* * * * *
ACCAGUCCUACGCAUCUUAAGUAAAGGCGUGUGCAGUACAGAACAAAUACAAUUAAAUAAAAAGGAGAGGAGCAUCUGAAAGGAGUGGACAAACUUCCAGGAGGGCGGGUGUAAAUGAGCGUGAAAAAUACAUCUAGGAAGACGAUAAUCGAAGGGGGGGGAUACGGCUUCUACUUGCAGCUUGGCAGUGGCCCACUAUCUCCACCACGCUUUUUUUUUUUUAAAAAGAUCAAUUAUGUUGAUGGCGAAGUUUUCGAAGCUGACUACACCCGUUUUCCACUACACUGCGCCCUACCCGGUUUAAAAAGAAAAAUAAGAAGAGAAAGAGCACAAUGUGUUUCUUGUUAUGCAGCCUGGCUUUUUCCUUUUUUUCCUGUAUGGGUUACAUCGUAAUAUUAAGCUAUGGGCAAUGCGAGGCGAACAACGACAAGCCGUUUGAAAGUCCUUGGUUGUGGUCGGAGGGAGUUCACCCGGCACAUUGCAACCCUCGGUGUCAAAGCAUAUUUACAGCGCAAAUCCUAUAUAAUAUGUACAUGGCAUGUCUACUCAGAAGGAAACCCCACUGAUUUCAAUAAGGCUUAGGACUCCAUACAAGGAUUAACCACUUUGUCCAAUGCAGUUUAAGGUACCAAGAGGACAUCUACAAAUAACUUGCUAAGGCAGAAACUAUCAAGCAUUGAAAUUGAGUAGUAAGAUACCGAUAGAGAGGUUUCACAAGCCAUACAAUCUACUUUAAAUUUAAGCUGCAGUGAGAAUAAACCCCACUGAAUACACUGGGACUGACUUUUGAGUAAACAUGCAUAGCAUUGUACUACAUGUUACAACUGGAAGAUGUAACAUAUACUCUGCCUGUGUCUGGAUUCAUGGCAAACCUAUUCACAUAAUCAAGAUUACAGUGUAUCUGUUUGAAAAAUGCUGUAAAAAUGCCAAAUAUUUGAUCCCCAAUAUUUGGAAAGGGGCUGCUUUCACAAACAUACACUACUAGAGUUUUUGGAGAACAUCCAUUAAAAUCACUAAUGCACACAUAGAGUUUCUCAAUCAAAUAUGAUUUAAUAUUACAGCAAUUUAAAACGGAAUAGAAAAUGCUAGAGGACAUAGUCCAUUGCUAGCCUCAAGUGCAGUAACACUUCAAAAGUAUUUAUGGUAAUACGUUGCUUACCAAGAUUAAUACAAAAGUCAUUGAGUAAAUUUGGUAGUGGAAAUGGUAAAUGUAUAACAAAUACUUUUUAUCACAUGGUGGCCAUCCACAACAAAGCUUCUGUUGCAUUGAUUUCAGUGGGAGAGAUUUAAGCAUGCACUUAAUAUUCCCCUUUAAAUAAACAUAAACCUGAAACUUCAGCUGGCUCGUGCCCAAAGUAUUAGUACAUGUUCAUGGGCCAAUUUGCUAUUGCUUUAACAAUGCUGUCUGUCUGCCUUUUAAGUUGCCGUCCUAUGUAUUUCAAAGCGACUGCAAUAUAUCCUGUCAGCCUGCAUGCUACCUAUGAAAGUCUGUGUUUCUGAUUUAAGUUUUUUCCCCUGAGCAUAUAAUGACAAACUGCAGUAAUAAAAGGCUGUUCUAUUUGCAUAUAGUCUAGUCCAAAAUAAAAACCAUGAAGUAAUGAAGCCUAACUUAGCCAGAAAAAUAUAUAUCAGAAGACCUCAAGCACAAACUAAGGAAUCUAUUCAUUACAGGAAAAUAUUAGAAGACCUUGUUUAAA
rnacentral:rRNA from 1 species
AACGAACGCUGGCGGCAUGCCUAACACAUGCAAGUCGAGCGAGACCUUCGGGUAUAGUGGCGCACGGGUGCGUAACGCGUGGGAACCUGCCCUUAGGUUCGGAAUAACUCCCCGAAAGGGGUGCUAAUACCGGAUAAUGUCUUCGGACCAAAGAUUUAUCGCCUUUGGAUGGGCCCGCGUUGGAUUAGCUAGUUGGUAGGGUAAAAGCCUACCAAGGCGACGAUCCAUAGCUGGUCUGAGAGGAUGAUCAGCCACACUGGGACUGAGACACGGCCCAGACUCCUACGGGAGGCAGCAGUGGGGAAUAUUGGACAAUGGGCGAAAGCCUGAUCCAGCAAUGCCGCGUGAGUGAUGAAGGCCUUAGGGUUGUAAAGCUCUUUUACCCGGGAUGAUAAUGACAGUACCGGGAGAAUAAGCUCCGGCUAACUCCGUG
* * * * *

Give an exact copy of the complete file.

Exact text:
ACCAGUCCUACGCAUCUUAAGUAAAGGCGUGUGCAGUACAGAACAAAUACAAUUAAAUAAAAAGGAGAGGAGCAUCUGAAAGGAGUGGACAAACUUCCAGGAGGGCGGGUGUAAAUGAGCGUGAAAAAUACAUCUAGGAAGACGAUAAUCGAAGGGGGGGGAUACGGCUUCUACUUGCAGCUUGGCAGUGGCCCACUAUCUCCACCACGCUUUUUUUUUUUUAAAAAGAUCAAUUAUGUUGAUGGCGAAGUUUUCGAAGCUGACUACACCCGUUUUCCACUACACUGCGCCCUACCCGGUUUAAAAAGAAAAAUAAGAAGAGAAAGAGCACAAUGUGUUUCUUGUUAUGCAGCCUGGCUUUUUCCUUUUUUUCCUGUAUGGGUUACAUCGUAAUAUUAAGCUAUGGGCAAUGCGAGGCGAACAACGACAAGCCGUUUGAAAGUCCUUGGUUGUGGUCGGAGGGAGUUCACCCGGCACAUUGCAACCCUCGGUGUCAAAGCAUAUUUACAGCGCAAAUCCUAUAUAAUAUGUACAUGGCAUGUCUACUCAGAAGGAAACCCCACUGAUUUCAAUAAGGCUUAGGACUCCAUACAAGGAUUAACCACUUUGUCCAAUGCAGUUUAAGGUACCAAGAGGACAUCUACAAAUAACUUGCUAAGGCAGAAACUAUCAAGCAUUGAAAUUGAGUAGUAAGAUACCGAUAGAGAGGUUUCACAAGCCAUACAAUCUACUUUAAAUUUAAGCUGCAGUGAGAAUAAACCCCACUGAAUACACUGGGACUGACUUUUGAGUAAACAUGCAUAGCAUUGUACUACAUGUUACAACUGGAAGAUGUAACAUAUACUCUGCCUGUGUCUGGAUUCAUGGCAAACCUAUUCACAUAAUCAAGAUUACAGUGUAUCUGUUUGAAAAAUGCUGUAAAAAUGCCAAAUAUUUGAUCCCCAAUAUUUGGAAAGGGGCUGCUUUCACAAACAUACACUACUAGAGUUUUUGGAGAACAUCCAUUAAAAUCACUAAUGCACACAUAGAGUUUCUCAAUCAAAUAUGAUUUAAUAUUACAGCAAUUUAAAACGGAAUAGAAAAUGCUAGAGGACAUAGUCCAUUGCUAGCCUCAAGUGCAGUAACACUUCAAAAGUAUUUAUGGUAAUACGUUGCUUACCAAGAUUAAUACAAAAGUCAUUGAGUAAAUUUGGUAGUGGAAAUGGUAAAUGUAUAACAAAUACUUUUUAUCACAUGGUGGCCAUCCACAACAAAGCUUCUGUUGCAUUGAUUUCAGUGGGAGAGAUUUAAGCAUGCACUUAAUAUUCCCCUUUAAAUAAACAUAAACCUGAAACUUCAGCUGGCUCGUGCCCAAAGUAUUAGUACAUGUUCAUGGGCCAAUUUGCUAUUGCUUUAACAAUGCUGUCUGUCUGCCUUUUAAGUUGCCGUCCUAUGUAUUUCAAAGCGACUGCAAUAUAUCCUGUCAGCCUGCAUGCUACCUAUGAAAGUCUGUGUUUCUGAUUUAAGUUUUUUCCCCUGAGCAUAUAAUGACAAACUGCAGUAAUAAAAGGCUGUUCUAUUUGCAUAUAGUCUAGUCCAAAAUAAAAACCAUGAAGUAAUGAAGCCUAACUUAGCCAGAAAAAUAUAUAUCAGAAGACCUCAAGCACAAACUAAGGAAUCUAUUCAUUACAGGAAAAUAUUAGAAGACCUUGUUUAAA
rnacentral:rRNA from 1 species
AACGAACGCUGGCGGCAUGCCUAACACAUGCAAGUCGAGCGAGACCUUCGGGUAUAGUGGCGCACGGGUGCGUAACGCGUGGGAACCUGCCCUUAGGUUCGGAAUAACUCCCCGAAAGGGGUGCUAAUACCGGAUAAUGUCUUCGGACCAAAGAUUUAUCGCCUUUGGAUGGGCCCGCGUUGGAUUAGCUAGUUGGUAGGGUAAAAGCCUACCAAGGCGACGAUCCAUAGCUGGUCUGAGAGGAUGAUCAGCCACACUGGGACUGAGACACGGCCCAGACUCCUACGGGAGGCAGCAGUGGGGAAUAUUGGACAAUGGGCGAAAGCCUGAUCCAGCAAUGCCGCGUGAGUGAUGAAGGCCUUAGGGUUGUAAAGCUCUUUUACCCGGGAUGAUAAUGACAGUACCGGGAGAAUAAGCUCCGGCUAACUCCGUG